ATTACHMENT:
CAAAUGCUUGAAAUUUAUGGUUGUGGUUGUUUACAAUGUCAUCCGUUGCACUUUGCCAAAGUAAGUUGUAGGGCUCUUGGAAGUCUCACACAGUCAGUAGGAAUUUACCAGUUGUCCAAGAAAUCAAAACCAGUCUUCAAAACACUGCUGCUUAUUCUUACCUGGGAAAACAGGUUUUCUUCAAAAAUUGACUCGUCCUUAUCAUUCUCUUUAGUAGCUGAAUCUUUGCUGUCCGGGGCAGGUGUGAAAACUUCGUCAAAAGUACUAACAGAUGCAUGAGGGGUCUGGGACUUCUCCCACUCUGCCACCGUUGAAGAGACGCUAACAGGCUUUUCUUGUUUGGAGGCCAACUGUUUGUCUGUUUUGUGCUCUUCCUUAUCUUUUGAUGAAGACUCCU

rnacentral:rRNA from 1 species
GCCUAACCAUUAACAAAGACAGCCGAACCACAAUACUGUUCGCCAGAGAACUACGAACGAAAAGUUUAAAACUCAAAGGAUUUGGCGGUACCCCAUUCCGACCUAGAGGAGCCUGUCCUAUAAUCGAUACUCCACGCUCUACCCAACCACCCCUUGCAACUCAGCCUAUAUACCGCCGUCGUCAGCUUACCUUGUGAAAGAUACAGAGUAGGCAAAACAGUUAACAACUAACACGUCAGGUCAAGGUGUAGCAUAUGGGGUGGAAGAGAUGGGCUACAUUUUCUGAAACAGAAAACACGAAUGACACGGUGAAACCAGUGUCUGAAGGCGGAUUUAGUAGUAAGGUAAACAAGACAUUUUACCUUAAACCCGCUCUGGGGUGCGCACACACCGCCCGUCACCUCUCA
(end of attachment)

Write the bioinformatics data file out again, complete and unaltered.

CAAAUGCUUGAAAUUUAUGGUUGUGGUUGUUUACAAUGUCAUCCGUUGCACUUUGCCAAAGUAAGUUGUAGGGCUCUUGGAAGUCUCACACAGUCAGUAGGAAUUUACCAGUUGUCCAAGAAAUCAAAACCAGUCUUCAAAACACUGCUGCUUAUUCUUACCUGGGAAAACAGGUUUUCUUCAAAAAUUGACUCGUCCUUAUCAUUCUCUUUAGUAGCUGAAUCUUUGCUGUCCGGGGCAGGUGUGAAAACUUCGUCAAAAGUACUAACAGAUGCAUGAGGGGUCUGGGACUUCUCCCACUCUGCCACCGUUGAAGAGACGCUAACAGGCUUUUCUUGUUUGGAGGCCAACUGUUUGUCUGUUUUGUGCUCUUCCUUAUCUUUUGAUGAAGACUCCU

rnacentral:rRNA from 1 species
GCCUAACCAUUAACAAAGACAGCCGAACCACAAUACUGUUCGCCAGAGAACUACGAACGAAAAGUUUAAAACUCAAAGGAUUUGGCGGUACCCCAUUCCGACCUAGAGGAGCCUGUCCUAUAAUCGAUACUCCACGCUCUACCCAACCACCCCUUGCAACUCAGCCUAUAUACCGCCGUCGUCAGCUUACCUUGUGAAAGAUACAGAGUAGGCAAAACAGUUAACAACUAACACGUCAGGUCAAGGUGUAGCAUAUGGGGUGGAAGAGAUGGGCUACAUUUUCUGAAACAGAAAACACGAAUGACACGGUGAAACCAGUGUCUGAAGGCGGAUUUAGUAGUAAGGUAAACAAGACAUUUUACCUUAAACCCGCUCUGGGGUGCGCACACACCGCCCGUCACCUCUCA